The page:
Last night at the Wells Fargo Center, the increasingly embarrassing Philadelphia 76ers put on a dog-and-pony show for their remaining fans to honor one of the most polarizing and controversial stars in franchise history.

Allen Iverson, also known as “A.I.” (emphasis on the “I”), was feted with the usual speeches from other players and club officials past and present, and a career highlight video. He also had his number ‘3’ retired, with a banner hung from the rafters representing that honor.

As a part of the ceremony, one of the many gifts bestowed upon Iverson last night was a modest-sized fishing boat with another of his nicknames, “The Answer”, scrawled along the side. The problem with the inscription, the nickname as applicable to the player himself, is that it just doesn’t apply.

Allen Iverson proved that he was never the answer for this franchise. I feel that it’s honoring of him alongside champions such as Julius Erving, Wilt Chamberlain, Maurice Cheeks, Bobby Jones, Billy Cunningham, and Hal Greer is preposterous, a blatant ploy to sellout the house as was a similarly undeserving player, Charles Barkley┬áin 2001.

Every one of those first half-dozen players mentioned in the last paragraph were great individual players on the court. Every one of them was an all-star, and spent some period of time in their NBA career as one of the best at their respective position. They played hard, well, and brought honor to the 76ers logo, fans, franchise.

They also brought the franchise and we fans something that Iverson, and Barkley, never did, an NBA Championship. Allen Iverson played parts of 14 seasons in the NBA, most of them as a starting shooting guard. He played a full 10, and parts of two others, with the Sixers franchise.

He was the 76ers first round selection, the first player selected overall, in the 1996 NBA Draft following a similarly exciting and controversial college career at Georgetown University. As in individual player, he mostly lived up to that status. He led the NBA in scoring 4x, in steals 3x, and in minutes played per-game 4x in his full Sixer seasons.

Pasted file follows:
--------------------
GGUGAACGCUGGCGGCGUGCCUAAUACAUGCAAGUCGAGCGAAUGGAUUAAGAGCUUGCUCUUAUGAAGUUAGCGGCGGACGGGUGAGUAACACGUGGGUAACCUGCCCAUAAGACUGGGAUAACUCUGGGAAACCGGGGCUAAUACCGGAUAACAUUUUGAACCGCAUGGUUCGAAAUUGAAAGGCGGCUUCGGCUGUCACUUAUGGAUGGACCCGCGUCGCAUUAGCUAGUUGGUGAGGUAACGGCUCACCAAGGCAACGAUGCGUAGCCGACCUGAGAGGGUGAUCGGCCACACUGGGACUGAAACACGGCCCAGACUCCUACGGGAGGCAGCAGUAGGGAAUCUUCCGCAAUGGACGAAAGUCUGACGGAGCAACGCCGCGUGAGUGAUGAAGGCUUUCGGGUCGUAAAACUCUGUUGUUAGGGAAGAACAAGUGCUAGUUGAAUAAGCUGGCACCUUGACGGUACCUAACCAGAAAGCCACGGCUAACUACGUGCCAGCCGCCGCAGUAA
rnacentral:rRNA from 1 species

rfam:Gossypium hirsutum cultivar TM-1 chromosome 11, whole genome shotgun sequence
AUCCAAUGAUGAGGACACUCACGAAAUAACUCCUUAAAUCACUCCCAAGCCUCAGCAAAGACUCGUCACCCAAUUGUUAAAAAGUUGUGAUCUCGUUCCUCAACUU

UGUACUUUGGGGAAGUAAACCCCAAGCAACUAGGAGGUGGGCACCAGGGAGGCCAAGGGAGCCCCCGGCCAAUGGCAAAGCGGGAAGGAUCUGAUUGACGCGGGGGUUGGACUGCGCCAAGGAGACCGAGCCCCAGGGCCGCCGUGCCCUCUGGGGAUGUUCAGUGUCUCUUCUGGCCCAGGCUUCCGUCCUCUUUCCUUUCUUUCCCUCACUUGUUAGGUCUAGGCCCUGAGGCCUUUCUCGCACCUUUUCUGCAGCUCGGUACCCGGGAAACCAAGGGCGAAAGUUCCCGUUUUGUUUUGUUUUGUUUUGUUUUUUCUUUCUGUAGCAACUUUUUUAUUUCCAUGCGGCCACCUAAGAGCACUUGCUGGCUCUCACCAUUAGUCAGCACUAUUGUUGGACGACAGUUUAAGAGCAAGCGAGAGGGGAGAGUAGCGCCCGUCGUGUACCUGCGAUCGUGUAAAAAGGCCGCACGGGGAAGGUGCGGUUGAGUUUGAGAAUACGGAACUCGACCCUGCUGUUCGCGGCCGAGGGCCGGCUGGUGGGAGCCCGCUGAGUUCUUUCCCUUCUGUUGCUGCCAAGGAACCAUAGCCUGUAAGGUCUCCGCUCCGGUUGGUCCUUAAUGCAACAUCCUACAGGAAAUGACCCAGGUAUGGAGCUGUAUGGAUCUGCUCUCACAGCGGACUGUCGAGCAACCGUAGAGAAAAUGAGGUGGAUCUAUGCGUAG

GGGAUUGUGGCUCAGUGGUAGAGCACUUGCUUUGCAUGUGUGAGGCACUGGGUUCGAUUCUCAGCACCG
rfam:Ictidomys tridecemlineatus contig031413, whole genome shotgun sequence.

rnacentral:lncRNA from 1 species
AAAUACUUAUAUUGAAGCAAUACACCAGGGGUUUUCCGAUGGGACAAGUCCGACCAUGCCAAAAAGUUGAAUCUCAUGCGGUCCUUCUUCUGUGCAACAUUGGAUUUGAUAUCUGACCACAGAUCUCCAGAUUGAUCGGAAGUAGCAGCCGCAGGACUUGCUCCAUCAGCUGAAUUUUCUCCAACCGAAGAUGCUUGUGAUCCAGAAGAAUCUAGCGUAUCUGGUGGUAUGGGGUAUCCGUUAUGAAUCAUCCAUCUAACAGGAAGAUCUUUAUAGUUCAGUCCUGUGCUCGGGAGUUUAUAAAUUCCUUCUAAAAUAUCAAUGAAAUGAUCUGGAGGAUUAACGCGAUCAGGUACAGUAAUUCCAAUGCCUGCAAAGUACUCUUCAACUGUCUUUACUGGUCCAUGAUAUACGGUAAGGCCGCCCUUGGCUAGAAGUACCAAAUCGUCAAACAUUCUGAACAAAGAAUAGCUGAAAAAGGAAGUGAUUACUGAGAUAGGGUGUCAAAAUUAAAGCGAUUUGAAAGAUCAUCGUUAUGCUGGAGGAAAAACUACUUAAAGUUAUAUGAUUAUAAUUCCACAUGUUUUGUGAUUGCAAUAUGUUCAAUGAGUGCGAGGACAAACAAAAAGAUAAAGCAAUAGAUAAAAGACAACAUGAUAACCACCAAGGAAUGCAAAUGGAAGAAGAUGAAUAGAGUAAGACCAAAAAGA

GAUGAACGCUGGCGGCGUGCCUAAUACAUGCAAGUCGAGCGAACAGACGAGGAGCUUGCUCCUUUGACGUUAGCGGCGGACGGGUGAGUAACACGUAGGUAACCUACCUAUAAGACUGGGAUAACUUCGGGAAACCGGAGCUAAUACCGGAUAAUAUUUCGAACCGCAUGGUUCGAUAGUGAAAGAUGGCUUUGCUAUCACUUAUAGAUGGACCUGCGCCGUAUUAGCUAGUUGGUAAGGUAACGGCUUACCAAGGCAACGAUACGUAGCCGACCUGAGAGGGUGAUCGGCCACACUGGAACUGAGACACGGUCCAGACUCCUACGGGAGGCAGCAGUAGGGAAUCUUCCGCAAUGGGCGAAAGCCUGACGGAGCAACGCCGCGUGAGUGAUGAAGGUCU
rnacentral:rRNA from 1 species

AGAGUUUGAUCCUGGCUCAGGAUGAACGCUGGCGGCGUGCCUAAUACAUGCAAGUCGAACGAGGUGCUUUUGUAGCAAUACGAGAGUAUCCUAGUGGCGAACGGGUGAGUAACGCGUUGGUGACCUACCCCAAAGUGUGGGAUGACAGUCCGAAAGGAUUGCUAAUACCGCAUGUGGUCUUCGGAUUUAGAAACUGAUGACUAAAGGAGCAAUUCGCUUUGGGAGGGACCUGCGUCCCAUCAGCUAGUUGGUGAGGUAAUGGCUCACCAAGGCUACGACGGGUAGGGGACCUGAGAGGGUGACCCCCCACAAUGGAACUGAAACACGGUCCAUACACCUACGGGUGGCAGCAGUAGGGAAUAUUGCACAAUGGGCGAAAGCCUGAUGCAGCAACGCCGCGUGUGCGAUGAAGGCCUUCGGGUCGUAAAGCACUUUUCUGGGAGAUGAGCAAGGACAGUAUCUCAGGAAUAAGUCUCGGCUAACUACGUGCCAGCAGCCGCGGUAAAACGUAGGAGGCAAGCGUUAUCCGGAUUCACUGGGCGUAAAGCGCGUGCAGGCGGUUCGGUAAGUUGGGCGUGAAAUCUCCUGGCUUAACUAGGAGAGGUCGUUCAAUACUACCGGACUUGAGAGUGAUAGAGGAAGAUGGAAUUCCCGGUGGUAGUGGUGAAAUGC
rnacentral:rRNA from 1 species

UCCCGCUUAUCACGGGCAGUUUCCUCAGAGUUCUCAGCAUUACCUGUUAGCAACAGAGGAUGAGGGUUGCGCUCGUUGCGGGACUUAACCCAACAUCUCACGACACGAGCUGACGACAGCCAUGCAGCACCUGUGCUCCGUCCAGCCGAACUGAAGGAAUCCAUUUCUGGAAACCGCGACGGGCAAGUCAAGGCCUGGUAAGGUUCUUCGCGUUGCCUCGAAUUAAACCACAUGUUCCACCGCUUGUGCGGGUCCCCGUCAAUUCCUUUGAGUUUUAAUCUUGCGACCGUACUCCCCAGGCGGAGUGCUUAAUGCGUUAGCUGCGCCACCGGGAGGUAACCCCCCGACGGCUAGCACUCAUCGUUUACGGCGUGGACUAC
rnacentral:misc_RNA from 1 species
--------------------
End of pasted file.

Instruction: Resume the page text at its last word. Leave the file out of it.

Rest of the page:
His whirling dervish style of play also injected life back into a fan base which had grown disillusioned during a 5-year stretch of losing seasons which had begun when Barkley left town. The last four of those seasons resulted in the team winning 30 fewer games than it won while playing a bland style of basketball with zero on-court personalities.

Iverson certainly brought personality, and the local media bought into his “inner city”, hip-hop celebrity act hook, line, and sinker. Especially guilty was the Philadelphia Daily News, a local rag newspaper with plummeting circulation that has become as irrelevant as the team, which splashed his face across the front and back pages of it’s tabloid on a regular basis.

But lost in all of the flash and style was the fact that on the court there was precious little success. In just one season, the memorably glorious 2000-01 campaign, did the Sixers enjoy real success as a team during the entirety of Iverson’s tenure as it’s star and leader.

The team had reached the playoffs in each of the two previous seasons, won an Opening Round, but had lost both times in the Conference Semi-Finals. In that 2000-01 season, Iverson had led the NBA in scoring for the 2nd time in his career. Now for the one time in his career, he translated that game and helped lift his team to stirring post-season victories.